"School is about learning how to learn. That shouldn't end once you get a diploma. The challenge is to find an environment where you can continue to feed yourself creatively, that stimulates your curiosities and challenges your intellect. This is a lifelong process."

Live and learn
Design students have really tightened up the game. Nowadays, they have the opportunities and know-how to jump-start the career of their dreams way before graduation. Institutions across the globe appear to be increasingly implementing instruction in progressive and practical areas including business and technological production. They have also become more active in both mainstream and avant-garde events, functions and competitions—a progressive evolution that has empowered students to legitimately take part in real industry activity. Along with such educational support, students today are more driven and fearless than ever to snag high-profile internships and the real-world experience of their choice.

Ian Gonsher is a Rhode Island-based furniture and housewares designer as well as the Independent Studies on Design instructor at Brown University. He is also a great example of a student who didn't stop at all-nighters or finals. Taking advantage of valuable supplements like design competitions and extra-curricular programs allowed him to gain some credibility as well as a true-to-life taste of the industry. "To be competitive, you have to see what others might have missed."

Gonsher's education (thus far) includes a double-major in Art History and Industrial Design at the University of Kansas, topped off with a Masters degree in Furniture Design from the Rhode Island School of Design, completed in 2006. A brief hiatus between the two schools allowed him to take on an experience that would influence his future exploits and career decisions. Boisbuchet, a series of workshops located in Southwest France guided by a group of internationally recognized artists, designers and architects, was Gonsher's chance to immerse himself in European design culture, and more importantly, to obtain a broadened scope of universal design. He made excellent connections at Boisbuchet and soon after relocated to Brazil for an internship with the internationally recognized furniture studio of the Campana Brothers, which gave him insight into the world of high-profile furniture design. During his graduate studies at RISD, Gonsher scored an internship with function-forward, Minneapolis-based furniture design company Blu-Dot. Here he absorbed the inner-workings of a modern American design outfit, and more importantly, observed a business model that would later aid him in his own pursuits.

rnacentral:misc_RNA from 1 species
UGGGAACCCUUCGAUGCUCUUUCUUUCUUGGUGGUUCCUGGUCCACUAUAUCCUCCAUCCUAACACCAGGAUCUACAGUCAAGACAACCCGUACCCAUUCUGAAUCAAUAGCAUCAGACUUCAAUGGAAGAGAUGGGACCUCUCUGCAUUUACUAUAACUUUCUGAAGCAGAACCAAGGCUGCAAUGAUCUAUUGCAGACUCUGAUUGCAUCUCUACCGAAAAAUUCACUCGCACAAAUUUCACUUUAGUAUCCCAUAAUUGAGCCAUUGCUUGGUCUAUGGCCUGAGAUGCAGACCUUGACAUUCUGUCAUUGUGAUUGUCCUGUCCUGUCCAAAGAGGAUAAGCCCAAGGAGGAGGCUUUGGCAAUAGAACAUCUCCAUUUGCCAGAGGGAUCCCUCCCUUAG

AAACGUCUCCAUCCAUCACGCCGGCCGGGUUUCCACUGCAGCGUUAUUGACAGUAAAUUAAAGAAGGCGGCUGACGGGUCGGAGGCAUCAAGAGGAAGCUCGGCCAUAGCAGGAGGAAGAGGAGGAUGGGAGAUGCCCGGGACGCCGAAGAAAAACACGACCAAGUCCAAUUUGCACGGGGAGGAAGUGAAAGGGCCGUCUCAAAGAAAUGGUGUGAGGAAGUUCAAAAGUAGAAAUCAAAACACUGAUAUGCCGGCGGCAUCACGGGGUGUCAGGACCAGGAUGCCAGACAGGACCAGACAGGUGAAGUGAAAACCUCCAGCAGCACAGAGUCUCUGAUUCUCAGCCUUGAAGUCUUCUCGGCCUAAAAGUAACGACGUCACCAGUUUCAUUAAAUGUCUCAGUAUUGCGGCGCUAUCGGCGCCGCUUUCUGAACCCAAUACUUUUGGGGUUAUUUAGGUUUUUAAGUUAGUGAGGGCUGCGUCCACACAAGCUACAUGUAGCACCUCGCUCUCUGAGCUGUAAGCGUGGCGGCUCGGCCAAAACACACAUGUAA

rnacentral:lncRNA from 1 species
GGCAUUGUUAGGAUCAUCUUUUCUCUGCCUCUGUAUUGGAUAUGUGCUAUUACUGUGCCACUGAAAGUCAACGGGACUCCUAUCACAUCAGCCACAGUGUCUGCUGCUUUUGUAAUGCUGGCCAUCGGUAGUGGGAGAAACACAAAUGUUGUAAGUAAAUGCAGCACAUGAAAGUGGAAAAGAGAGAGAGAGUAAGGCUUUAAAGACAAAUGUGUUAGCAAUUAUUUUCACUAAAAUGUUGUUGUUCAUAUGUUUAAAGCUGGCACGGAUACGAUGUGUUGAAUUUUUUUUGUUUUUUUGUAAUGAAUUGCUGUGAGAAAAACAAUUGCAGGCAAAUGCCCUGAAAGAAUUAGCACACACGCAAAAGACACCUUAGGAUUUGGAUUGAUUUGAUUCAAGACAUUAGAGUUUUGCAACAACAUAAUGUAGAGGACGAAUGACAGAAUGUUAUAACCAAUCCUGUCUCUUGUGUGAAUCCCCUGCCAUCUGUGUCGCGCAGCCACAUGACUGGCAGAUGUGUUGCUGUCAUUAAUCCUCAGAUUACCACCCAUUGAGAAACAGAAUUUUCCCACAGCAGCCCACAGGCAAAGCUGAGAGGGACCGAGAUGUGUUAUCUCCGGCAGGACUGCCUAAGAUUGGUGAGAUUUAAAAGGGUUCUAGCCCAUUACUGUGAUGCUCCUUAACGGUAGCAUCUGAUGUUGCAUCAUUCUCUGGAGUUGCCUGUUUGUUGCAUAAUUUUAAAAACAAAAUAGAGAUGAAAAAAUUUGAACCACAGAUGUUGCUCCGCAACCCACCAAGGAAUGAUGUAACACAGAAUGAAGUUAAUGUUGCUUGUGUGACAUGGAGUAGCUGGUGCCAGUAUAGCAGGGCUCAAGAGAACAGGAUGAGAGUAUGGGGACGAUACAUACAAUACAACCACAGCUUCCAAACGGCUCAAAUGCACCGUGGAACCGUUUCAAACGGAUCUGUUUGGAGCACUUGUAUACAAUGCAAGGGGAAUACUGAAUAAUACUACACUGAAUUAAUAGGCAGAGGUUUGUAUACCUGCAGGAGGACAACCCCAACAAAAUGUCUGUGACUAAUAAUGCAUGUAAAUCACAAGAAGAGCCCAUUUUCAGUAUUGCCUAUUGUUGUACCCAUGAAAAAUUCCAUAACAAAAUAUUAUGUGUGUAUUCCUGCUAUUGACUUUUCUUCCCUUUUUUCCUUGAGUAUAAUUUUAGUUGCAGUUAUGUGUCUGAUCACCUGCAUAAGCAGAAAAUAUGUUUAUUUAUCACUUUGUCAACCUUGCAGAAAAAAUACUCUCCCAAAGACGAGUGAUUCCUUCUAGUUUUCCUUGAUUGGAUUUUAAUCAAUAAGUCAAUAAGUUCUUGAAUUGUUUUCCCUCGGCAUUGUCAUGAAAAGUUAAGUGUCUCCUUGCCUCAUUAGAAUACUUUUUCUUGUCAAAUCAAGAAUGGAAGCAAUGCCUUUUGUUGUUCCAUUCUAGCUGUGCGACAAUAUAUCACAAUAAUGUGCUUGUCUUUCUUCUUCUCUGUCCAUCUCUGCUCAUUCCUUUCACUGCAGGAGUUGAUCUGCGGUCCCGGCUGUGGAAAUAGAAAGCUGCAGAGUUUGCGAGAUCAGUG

(left) Ian Gonsher's Fruit Bowl was designed and developed during his studies at RISD. The design was featured in ID Magazine's Student Design Review issue, where he received an honorable mention as well as a burst of attention. The bowl is a laser-cut piece of maple wood slit in such a way to make the material elastic, simply held in place with a glass disc. (right) Ian Gonsher sits atop "Table Displaced," part of his new collectin of illusion-like furniture that hovers somewhere between art and function. The collection playfully challenges our conventional perceptions of space, placement, and utility.

"School is about learning how to learn. That shouldn't end once you get a diploma. The challenge is to find an environment where you can continue to feed yourself creatively, that stimulates your curiosities and challenges your intellect. This is a lifelong process."

Gonsher's string of edu-exploits, along with traditional schooling, has brought him to an ideal standpoint-almost customized, just for him. Now at 30, Gonsher instructs an Independent Studies on Design course at Brown University, stressing collaborative methods and guiding students who take an interest in design...and he's certainly carved a niche for himself as an up-and-coming independent designer to boot. "I get to work with students and develop my own work as well. It was important to me to find somewhere where I can continue to develop creatively and share what I have learned with others."

"When we finished university, we decided we would just try and see where we could go. We thought of a name (very difficult mission) and went to Milan to present our things and to see what would happen." Their no-frills approach is indicative of the indie attitude: Make an effort; wait and see if it works out.

Design (tools) Within Reach